quantifying happy

I was one of those teens who hated their small town in the middle of nowhere and couldn’t wait to live in the big city.  People would say how pretty my town was, with the hills and the woods and the cows and blah blah blah, but I was so over it.  (Funny how I’m into all that now, though).  Even so, there were a few things I liked about growing up in the country.  Fireflies.  Visible stars.  And mourning doves.

Mourning dove

Mourning doves make a really specific sound that you would recognize.  And here in New York, mourning doves have set up shop.  Luckily, some mourning doves like to chill in my courtyard.  My bedroom windows are right above them and I get to hear their hooing in the morning.  And lots of other times during the day.  But they like to do their hooing sounds at dawn and it’s a very Zen moment.  Except for the other morning, when a mourning dove pressed himself up against my window screen in a tizzy and was all like, “Hooo-OOOHH-oooh!” with some serious volume.  I jolted awake in a panic that I’d have to deal with a bird in my apartment, but that wasn’t the case.  Now he and a friend like to perch on the fire escape.  When I stare at them, they just stare back.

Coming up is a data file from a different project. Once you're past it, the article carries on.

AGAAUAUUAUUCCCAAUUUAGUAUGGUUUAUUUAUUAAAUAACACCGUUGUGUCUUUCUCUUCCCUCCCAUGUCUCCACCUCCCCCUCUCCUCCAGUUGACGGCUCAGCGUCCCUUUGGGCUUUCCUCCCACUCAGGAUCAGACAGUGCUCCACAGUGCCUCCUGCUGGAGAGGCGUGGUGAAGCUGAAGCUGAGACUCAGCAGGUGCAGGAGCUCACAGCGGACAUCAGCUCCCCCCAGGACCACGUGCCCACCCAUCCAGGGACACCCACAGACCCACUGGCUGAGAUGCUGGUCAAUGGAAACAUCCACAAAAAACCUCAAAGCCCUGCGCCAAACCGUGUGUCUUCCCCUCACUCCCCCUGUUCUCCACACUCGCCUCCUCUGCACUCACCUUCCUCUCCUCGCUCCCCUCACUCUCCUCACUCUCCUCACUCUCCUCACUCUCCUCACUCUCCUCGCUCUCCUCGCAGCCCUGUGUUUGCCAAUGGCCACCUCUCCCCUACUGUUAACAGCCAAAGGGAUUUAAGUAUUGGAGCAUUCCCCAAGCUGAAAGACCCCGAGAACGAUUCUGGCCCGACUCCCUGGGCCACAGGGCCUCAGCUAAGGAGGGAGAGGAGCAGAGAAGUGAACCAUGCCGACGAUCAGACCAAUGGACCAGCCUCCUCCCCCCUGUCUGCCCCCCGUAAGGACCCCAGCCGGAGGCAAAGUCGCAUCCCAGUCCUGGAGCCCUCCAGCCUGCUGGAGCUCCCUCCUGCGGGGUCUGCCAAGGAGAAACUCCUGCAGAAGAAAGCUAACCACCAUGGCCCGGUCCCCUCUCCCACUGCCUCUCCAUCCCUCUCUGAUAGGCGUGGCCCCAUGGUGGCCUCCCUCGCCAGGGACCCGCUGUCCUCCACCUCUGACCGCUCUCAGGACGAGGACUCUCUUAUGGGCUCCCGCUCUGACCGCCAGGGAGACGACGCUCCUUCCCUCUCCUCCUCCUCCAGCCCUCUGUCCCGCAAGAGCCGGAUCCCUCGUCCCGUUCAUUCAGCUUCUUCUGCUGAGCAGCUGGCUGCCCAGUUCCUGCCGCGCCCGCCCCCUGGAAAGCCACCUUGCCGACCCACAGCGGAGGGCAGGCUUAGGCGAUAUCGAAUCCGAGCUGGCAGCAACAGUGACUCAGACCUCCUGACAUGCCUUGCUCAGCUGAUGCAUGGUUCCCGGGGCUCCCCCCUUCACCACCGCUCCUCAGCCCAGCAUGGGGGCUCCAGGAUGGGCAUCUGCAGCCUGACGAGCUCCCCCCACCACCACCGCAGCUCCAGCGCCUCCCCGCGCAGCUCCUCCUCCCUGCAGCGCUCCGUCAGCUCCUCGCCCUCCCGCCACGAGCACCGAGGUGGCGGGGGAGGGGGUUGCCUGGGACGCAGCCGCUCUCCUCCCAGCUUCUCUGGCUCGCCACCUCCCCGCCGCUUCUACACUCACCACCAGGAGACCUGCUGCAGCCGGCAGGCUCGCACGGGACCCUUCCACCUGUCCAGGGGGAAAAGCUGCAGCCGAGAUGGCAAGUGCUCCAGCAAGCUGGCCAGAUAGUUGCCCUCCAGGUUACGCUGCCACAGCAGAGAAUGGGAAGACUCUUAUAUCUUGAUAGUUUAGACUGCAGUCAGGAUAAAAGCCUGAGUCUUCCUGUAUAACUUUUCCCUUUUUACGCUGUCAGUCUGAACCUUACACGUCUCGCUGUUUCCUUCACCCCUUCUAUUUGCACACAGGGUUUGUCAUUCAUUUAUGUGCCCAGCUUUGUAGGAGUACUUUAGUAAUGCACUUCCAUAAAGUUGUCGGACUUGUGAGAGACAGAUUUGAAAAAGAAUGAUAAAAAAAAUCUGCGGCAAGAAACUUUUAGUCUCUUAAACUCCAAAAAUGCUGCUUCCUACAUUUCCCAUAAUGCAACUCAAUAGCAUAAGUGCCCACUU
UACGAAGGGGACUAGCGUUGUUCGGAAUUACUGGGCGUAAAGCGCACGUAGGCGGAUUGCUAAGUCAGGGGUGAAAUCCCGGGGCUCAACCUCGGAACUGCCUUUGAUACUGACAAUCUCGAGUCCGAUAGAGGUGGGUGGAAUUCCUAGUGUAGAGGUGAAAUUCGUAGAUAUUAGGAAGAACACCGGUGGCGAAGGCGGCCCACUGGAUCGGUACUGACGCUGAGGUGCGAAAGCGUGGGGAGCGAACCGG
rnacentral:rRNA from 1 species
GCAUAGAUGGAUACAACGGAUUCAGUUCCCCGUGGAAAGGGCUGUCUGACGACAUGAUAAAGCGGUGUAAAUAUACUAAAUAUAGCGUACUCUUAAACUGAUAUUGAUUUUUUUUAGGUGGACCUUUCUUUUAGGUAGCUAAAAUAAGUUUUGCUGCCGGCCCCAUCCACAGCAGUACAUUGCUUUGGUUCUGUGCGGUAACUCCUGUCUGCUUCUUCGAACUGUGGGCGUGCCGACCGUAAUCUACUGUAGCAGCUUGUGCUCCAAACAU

How much I love hearing mourning doves made me think about happiness in general.  Like how some people are all about the little things (me), while others are into large-scale fun times (still me).  And how happiness can actually be quantified.  Tal Ben-Shahar teaches a happiness course at Harvard and offers six tips for happiness.  His research shows that the most important factor in being happy is friendship, followed by health.  Which is so true, since we all know that material things do not make us happy for very long.  Well, maybe except for the sexy iPhone, but I don’t have one so how would I know?

A happiness equation has been formulated, which can be basically represented as HAPPINESS = REALITY / EXPECTATION.  Jodi Picoult references this in her brilliant Nineteen Minutes.  I’m one of those people with really high expectations.  Maybe they’re too high.  But I like how my expectations drive me to always be working toward the next goal, always be creating something better.  I never forget that anything is possible.  And that makes me happy.

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3 thoughts on “quantifying happy

  1. great post. thanks for including the link to the “six tips for happiness.” i hadn’t heard about that course. i’m definitely going to make note of those tips to have as reminders when i fall into those not-so-happy places.
    mourning doves – very distinct and peaceful sound. however, up until a few years ago, i thought that was a soft hoot of an owl (oops!).

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